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Massimo PigliucciRSS Feed of this column.

Massimo Pigliucci is Professor of Philosophy at the City University of New York.

His research focuses on the structure of evolutionary theory, the relationship between science and philosophy

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I’m reading a delightful history of chess, The Immortal Game, by David Shenk, and got to the chapter dealing with the dark side of chess: the fact that a small but significant number of top players throughout history have gone off the deep end -- including the famous American world champion Bobby Fisher.

As is usual with correlations (playing chess <=> your brain goes bonk), it is not clear which way the causality goes, if at all. It could be that playing chess at the highest levels affects the mind in negative ways; it may be that abnormal minds are more likely than others to be attracted by the game; or it could simply be that the correlation is spurious, i.e. non-causal.

Shenk does not take sides on this debate, but he does report the pronouncements of a number of Freudian psychoanalysts on the matter. For instance, Ernest Jones (Freud’s biographer and protege), confidently stated that “It is plain that the unconscious motive activating [chess] players is not the mere love of pugnacity characteristic of all competitive games, but the grimmer one of father murder.” What?? That’s right, it’s the good ‘ol Oedipus complex -- itself rooted in the all-encompassing Freudian explanation for human behavior, sex drives -- that pushes players to protect their Queen (=mother) and checkmate the King (=father). Here is some more nonsense from Jones (p. 147 of Shenk’s):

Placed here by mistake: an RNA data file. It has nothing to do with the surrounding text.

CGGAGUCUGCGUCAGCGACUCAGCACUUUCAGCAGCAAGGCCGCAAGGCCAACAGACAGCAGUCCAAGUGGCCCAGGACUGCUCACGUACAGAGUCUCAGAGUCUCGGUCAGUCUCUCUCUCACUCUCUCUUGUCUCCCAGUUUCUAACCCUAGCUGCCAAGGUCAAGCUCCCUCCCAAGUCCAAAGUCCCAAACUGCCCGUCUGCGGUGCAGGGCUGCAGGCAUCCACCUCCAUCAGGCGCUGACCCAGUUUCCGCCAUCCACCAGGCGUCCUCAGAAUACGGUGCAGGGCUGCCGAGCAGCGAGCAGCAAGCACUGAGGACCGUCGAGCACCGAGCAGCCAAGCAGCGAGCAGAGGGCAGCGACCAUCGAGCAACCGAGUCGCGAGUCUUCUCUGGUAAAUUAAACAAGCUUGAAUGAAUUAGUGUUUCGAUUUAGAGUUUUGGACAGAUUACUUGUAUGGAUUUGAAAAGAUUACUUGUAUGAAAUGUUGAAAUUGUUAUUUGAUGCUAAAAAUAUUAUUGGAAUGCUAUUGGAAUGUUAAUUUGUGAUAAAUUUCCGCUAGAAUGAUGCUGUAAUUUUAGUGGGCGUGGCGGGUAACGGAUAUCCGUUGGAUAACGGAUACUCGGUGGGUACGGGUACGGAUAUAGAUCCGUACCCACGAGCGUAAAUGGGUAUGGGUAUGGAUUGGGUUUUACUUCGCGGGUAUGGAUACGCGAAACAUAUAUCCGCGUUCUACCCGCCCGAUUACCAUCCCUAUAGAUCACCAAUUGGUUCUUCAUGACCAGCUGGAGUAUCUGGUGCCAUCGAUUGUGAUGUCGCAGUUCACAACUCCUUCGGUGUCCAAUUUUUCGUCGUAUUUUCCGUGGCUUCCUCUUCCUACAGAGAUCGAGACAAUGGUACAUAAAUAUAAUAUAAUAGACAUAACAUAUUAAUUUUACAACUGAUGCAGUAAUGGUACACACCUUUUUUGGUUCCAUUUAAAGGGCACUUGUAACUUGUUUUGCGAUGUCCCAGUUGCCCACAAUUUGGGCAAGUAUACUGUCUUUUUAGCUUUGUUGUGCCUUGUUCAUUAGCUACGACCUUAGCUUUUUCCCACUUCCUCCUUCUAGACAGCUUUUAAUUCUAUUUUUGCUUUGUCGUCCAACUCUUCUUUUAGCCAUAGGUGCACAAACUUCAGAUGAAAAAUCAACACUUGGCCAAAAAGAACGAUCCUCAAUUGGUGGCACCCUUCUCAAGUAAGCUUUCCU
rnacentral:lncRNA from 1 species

My colleague at the University of California-Irvine, Francisco Ayala, has been interviewed recently by the New York Times about his views on science and religion. Ayala is particularly suitable for the task, being a former Dominican priest and one of the world’s best known evolutionary biologists. I happen to agree with much of what Ayala said in the interview, but of course I will be focusing here on where I depart from his positions.
Here we go again, just this morning the Florida House of Representatives passed a bill that directs teachers to engage in “critical analysis” of evolution in public schools. The bill’s chief sponsor, Republican Alan Hays of Umatilla, says that evolution “has holes in it,” and that “no one has any record -- no fossils have been found.” That will come as a big shock to the thousands of natural history museums around the world, displaying hundreds of thousands of fossils.
Maybe I’ve had elevators on my mind because the one in our building has gone through endless repairs of late, none of which apparently improved its speed or reliability. Or perhaps you simply cannot live in New York City without taking into account elevators as a major component of your life. But then my wife pointed out to me this snippet from an article published recently in The New Yorker (every self-respecting newyorker reads The New Yorker while in the subway):
I have taken issue before (here and here) with the writings of Stanley Fish in the New York Times, and I’m about to do it again. Fish is a professor of law at Florida State University, and often writes reasonably on a variety of topics in the NYT, but there is a streak of deconstruction running through some of his columns, that brings him to espouse pretty questionable positions when it comes to science, religion or philosophy.
Skeptic Society’s mastermind and author Michael Shermer is about to release a review of the latest nonsense entry in the evolution-creation wars: Ben Stein’s movie entitled “Expelled: No Intelligence Allowed.”